Thursday, 16 February 2006


Hélio Oiticica, Tropicália, 1967

Hélio Oiticica, Eden, first exhibited at the Whitechapel Art Gallery, London, 1969

Dominique Gonzalez-Foerster, Bahia Desorientada, 2005

Rhodia Dresses from the 1960s

avaf installation

Tetine playing inside avaf installation

David wearing Parangole

A Revolution in Brazilian Culture
curated by Carlos Basualdo
Press Release

16 February – 21 May 2006
Media View: Wednesday 15 February, 11am – 2pm

‘Be an outlaw, be a hero.’ Hélio Oiticica

Tropicália: A Revolution in Brazilian Culture is a groundbreaking and vibrant exhibition which captures the spirit of Tropicália, one of the most significant cultural movements from South America in the last five decades. The Tropicália exhibition in the Barbican Art Gallery is the first event in a three-month long festival which encompasses art, music, theatre and education.

Tropicália marked a true revolution in Brazilian music, visual arts, theatre, cinema, fashion and architecture. Taking its name from an installation created in 1967 by the young Brazilian artist, Hélio Oiticica, it soon became the title of one of the most celebrated albums in Brazilian music history, featuring Caetano Veloso, Gilberto Gil and Os Mutantes.

Tropicália was born out of a powerful desire to find a new identity for Brazilian art, one in which Brazil’s multi-culturalism and popular forms, of music and dance especially, were celebrated and synthesised with international modernism. Tropicália emerged against a backdrop of political repression that was becoming ever more powerful. Exuberant and dissenting, Tropicália sought the transformation of society through cultural production and exchange.

Tropicália is the first exhibition to chart this explosion of creative energy as a cohesive cultural moment. Its starting point is the 1967 exhibition New Brazilian Objectivity, held at the Museum of Modern Art in Rio de Janeiro, in which Oiticica’s Tropicália was the centrepiece. At the same time as Oiticica was exhibiting Tropicália, dancing samba and being inspired by the favelas, musicians like Veloso, Gilberto Gil, Oz Mutantes, Tom Ze and Gal Costa were flouting convention to sing passionately rebellious lyrics to electric guitars in front of rapturous audiences. The exhibition includes footage of their memorable concerts, as well as clips from stage productions by the infamous theatre director José Celso Martinez Correa and films by Glauber Rocha.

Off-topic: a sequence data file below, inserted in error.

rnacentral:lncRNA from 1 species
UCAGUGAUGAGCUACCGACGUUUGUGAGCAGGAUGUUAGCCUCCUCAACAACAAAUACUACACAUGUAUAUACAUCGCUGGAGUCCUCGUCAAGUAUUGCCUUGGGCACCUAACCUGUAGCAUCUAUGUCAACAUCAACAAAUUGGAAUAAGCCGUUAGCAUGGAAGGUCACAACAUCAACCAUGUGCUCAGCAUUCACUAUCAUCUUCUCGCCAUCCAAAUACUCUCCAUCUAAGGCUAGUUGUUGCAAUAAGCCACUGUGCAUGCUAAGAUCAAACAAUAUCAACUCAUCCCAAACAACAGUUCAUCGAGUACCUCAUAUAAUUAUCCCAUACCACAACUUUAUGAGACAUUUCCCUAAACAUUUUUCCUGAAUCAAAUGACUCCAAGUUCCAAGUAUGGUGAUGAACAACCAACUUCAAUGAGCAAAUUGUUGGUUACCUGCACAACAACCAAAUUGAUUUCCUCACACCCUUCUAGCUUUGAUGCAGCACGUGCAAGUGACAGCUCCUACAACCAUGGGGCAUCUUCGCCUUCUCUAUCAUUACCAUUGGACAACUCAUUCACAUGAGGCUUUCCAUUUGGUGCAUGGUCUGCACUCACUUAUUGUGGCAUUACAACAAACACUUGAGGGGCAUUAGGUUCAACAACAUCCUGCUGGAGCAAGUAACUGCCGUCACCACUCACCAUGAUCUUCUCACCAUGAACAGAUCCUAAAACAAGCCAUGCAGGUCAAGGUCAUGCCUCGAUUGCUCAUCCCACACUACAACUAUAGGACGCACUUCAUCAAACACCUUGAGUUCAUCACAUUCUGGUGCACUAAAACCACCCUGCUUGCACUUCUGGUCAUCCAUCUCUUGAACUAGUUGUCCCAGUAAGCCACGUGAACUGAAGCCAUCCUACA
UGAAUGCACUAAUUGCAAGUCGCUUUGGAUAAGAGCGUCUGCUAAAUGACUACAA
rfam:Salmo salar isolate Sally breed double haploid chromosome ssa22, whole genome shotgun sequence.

Tropicália thrived on ideas, dialogue and the energy of the streets. It was enormously influential across South America and is the forerunner of much contemporary work which privileges the viewer and invites participation; so-called ‘relational aesthetics’. The significance and meaning of Tropicália is still the subject of lively debate. As a reflection of this, Tropicália includes a number of commissions by contemporary artists. Each work provides a uniquely personal reflection on the spirit of tropicalismo. The contemporary artists are: Arto Lindsay, Marepe, Ernesto Neto, Rivane Neuenschwander, Dominique Gonzalez-Foerster, Moreno Veloso, Matthew Antezzo, Rodrigo Araujo, Karin Schneider, Lucas Levitan and Jailton Moreira and Assume Vivid Astro Focus.

This landmark exhibition reassesses the cultural significance of the 1960s movement 40 years on, recapturing the rawness and uninhibited vibrancy of the pioneering artists who changed the face of contemporary art.